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Opinion article

National reform summit: Developing adequate income for retirees

Following the National Reform Summit, CEDA Senior Economist Sarah-Jane Derby examines income for retirees including superannuation and owner-occupied housing.

The sustainable retirement incomes policy session at yesterday’s National Reform Summit in Sydney revealed, unsurprisingly, that there is still a lot of work to do when it comes to providing an adequate income for retirees.

The group identified numerous challenges with the system including : the lack of a clear objective for the system, inconsistency of retirement income policy, the complexity and cost of the system, inequity in tax arrangements and concessions, and outcomes for groups disadvantaged by the system including low-income earners and women.

These issues are examined in CEDA’s upcoming report The super challenge of retirement income policy. The report, to be released on Tuesday 1 September, puts forward policy options for government to consider as it grapples with these complex issues that will require bold reform.

Delegates discussed the need to start examining what retirement means – we no longer work ourselves to the ground and hope for a few years of rest as a reward. The meaning has changed from being a short period of rest to an extended period of leisure, as put succinctly by one of the delegates.  Rethinking what retirement means is particularly important when setting policy – for example, the eligibility age for the Age Pension has barely changed since the pension was introduced in the 1900s; yet, life expectancy has been rising consistently. Today, most of us can expect to live for more than 20 years in retirement, almost double what it was in the 1900s.

Calling retirement an extended period of leisure may be met with cynicism by some, but it would not be a stretch to say that most of us want to live well in retirement. As discussed at the forum, there is evidence that we are not saving enough for retirement on average, while the incentives that exist at present favour wealth accumulation and are inconsistent with what the retirement income system, and in particular, the superannuation system, is supposed to deliver.

The super challenge of retirement income policy questions what the role of government should be when it comes to ensuring the system is delivering an adequate and equitable standard of living in retirement. As discussed widely at the forum, super tax concessions benefit the rich the most – the top 20 per cent of income earners account for 58 per cent of superannuation tax concessions.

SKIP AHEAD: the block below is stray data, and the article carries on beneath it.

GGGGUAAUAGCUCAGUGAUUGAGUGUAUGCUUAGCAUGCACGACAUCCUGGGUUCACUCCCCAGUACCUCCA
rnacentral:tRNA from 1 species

CEDA’s report explores two key questions when it comes to superannuation taxation concessions, namely:

  • Do we need superannuation incentives given that we have compulsion?
  • Are the incentives working when it comes to voluntary salary-sacrificed contributions?

The group also discussed housing at length including recognising the lack of emphasis on the third pillar of the system (including housing and other private savings) and considered improving the safety net to those with high housing costs. The housing discussion is a refreshing addition to the retirement income debate.

Owner-occupied housing, or the family home, is crucial in alleviating poverty in retirement. Those who retire without a house are more likely to experience poverty and disadvantage than retirees who own their own home. As discussed in The super challenge of retirement income policy, there are close to 300,000 households who are income- and asset-poor in retirement in Australia today, most of whom are renters. Most of these renter households are single women households.

The current retirement income system is failing low-income Australians, those with career-breaks, in unpaid work or with inconsistent income. The high cost of housing and declining affordability, reflected in falling ownership rates will only exacerbate this problem in the future. Going forward, housing must be an integral part of the retirement income policy debate.

Developing retirement income policy that delivers an adequate retirement for all Australians will not be an easy feat and bold reforms will be needed to challenge the status quo. While there are differing views as to how reform can be achieved, there is broad consensus that we can do better and that any policy changes will require the right check and balances to ensure fair and equitable outcomes.

The super challenge of retirement income policy will be launched in Sydney on Tuesday. Click here for more information.

About the authors
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Sarah-Jane Derby

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Sarah-Jane is a Senior Economist at the Committee for Economic Development of Australia (CEDA) where she undertakes research on the economic and social policy issues affecting Australia. She has led research projects in a range of areas including industry, social and regional economic development policy.

Prior to joining CEDA, Sarah-Jane was an industry analyst at IBISWorld where she specialised in the analysis of manufacturing industries, including the automotive sector.

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